The purpose of the pre-anesthetic evaluation is to identify individual risk factors that will or might influence the patient’s ability to tolerate anesthesia. Areas covered during the evaluation include patient history, physical status, age, breed, temperament, type of procedure planned, use of heavy sedation vs. general anesthesia, and the experience and qualifications of veterinary staff.
There are five general classifications of patient physical status, including:
- Normal healthy patient
- Patient with mild systemic disease
- Patient with severe systemic disease
- Patient with severe systemic disease that is a constant threat to life
- Moribund patient who is not expected to survive without the operation
Patients determined to be at greater risk for anesthetic complications require additional precautions.
Pet parents must be advised ahead of time about how to prepare their animal for anesthesia, including administration of medications, fasting requirements and allowing free access to water.
Young pets require shorter fasting times than older animals.
If the procedure must be performed on an emergency basis, fasting is usually not possible, which means attention to airway management is critical. A good rule of thumb is to manage the airway of every patient as though his stomach is full.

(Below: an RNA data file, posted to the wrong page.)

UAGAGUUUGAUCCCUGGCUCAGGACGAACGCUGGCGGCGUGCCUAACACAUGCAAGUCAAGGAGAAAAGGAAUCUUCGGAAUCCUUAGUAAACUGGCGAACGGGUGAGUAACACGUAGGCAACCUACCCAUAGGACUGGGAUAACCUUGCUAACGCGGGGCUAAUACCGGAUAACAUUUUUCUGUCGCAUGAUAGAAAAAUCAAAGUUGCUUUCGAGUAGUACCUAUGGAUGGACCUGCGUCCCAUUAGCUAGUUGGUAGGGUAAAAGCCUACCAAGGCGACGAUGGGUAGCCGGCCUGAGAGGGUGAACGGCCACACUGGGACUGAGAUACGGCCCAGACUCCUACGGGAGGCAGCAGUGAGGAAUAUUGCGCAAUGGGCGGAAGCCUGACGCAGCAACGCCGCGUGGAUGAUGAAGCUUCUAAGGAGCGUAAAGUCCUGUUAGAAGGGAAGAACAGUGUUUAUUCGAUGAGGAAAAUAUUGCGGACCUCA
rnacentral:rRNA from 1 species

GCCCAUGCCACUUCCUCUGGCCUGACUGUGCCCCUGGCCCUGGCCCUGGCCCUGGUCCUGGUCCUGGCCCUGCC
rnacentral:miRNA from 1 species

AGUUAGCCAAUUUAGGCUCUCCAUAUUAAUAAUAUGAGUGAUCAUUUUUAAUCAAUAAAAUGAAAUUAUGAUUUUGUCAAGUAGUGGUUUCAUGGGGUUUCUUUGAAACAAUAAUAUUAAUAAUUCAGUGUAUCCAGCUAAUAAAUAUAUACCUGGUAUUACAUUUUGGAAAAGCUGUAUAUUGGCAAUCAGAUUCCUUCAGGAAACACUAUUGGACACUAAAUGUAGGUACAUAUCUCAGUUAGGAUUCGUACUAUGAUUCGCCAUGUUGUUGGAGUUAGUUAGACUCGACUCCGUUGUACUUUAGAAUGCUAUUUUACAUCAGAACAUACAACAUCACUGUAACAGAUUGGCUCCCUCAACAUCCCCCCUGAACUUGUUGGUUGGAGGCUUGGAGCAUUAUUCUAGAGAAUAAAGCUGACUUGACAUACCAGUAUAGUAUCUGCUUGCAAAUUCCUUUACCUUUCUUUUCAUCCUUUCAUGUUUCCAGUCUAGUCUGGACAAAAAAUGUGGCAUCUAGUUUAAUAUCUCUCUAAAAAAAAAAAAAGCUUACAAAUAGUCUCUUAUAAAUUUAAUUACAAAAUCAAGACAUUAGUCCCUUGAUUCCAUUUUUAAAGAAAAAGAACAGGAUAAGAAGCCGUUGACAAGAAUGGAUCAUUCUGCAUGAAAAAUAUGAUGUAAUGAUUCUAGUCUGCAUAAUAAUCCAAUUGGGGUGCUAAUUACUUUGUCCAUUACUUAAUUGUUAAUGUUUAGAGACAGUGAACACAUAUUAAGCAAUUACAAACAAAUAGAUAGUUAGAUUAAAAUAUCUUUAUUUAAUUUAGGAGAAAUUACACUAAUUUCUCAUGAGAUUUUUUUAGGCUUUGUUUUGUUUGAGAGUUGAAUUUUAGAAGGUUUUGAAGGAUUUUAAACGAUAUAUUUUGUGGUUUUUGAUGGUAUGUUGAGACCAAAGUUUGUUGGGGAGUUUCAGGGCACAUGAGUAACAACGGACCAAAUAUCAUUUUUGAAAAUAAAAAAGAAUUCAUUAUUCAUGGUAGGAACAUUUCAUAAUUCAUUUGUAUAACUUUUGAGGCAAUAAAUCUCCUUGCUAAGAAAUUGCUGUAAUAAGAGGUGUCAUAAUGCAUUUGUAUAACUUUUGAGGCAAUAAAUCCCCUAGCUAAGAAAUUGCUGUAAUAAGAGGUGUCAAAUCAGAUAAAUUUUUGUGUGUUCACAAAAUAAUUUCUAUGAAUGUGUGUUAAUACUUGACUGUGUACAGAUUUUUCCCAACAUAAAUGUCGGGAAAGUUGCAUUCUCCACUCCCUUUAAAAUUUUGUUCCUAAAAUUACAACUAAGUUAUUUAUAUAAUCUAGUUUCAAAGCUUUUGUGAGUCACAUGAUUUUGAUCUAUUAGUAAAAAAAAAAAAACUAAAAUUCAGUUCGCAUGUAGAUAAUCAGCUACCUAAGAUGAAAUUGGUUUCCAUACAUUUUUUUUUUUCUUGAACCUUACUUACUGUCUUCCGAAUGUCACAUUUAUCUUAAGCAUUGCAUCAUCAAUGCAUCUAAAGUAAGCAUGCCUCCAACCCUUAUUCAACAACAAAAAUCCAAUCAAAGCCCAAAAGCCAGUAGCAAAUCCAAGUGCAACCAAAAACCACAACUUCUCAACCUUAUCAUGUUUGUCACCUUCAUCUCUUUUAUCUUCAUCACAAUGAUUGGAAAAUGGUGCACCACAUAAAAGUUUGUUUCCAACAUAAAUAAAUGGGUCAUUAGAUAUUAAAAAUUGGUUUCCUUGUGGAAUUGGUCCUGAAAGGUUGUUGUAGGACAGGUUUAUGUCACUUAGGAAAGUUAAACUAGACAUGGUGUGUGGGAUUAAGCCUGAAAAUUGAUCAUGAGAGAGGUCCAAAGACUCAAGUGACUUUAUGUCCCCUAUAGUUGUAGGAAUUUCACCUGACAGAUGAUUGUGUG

If a pet has diabetes, he may or may not be fasted depending on the vet’s preference and how long the procedure is expected to take. For diabetic patients, insulin must be adjusted according to any change in food intake.
Preparing an Anesthetic Plan
Veterinary staff should create a plan individualized for each patient based on risks identified in the pre-anesthetic evaluation.
Also included in the plan should be staffing, equipment and drug availability, all drugs to be administered before, during and after the procedure, recovery support and monitoring criteria, and planned responses to adverse events.
Pre-anesthetic and Pain Management Medications
Pre-anesthesia medications and analgesics lower stress levels in both the patient and veterinary staff members. The patient is easier to manage, reducing risk of injury. These drugs also reduce the dosages necessary to induce and maintain anesthesia during the procedure.
Careful selection of these drugs and dosages, based on the individual patient, is critical.
Pain medication used both during and after the procedure must also be individually tailored to the patient. Multiple pain management techniques should be considered for more painful procedures.
The animal’s comfort should be assessed frequently and medications adjusted as needed.
Recovery is a critical phase of anesthesia and begins when the anesthetic gas is turned off and continues beyond extubation (removal of the endotracheal tube).
Patients recovering from anesthesia should be monitored by veterinary staff trained in recognizing complications, who should be especially vigilant in the first three hours post-surgery.
Monitoring of vitals should continue until they return to near normal. These include pulse oximetry, blood pressure, and periodic auscultation (listening to the body’s internal sounds, usually with a stethoscope).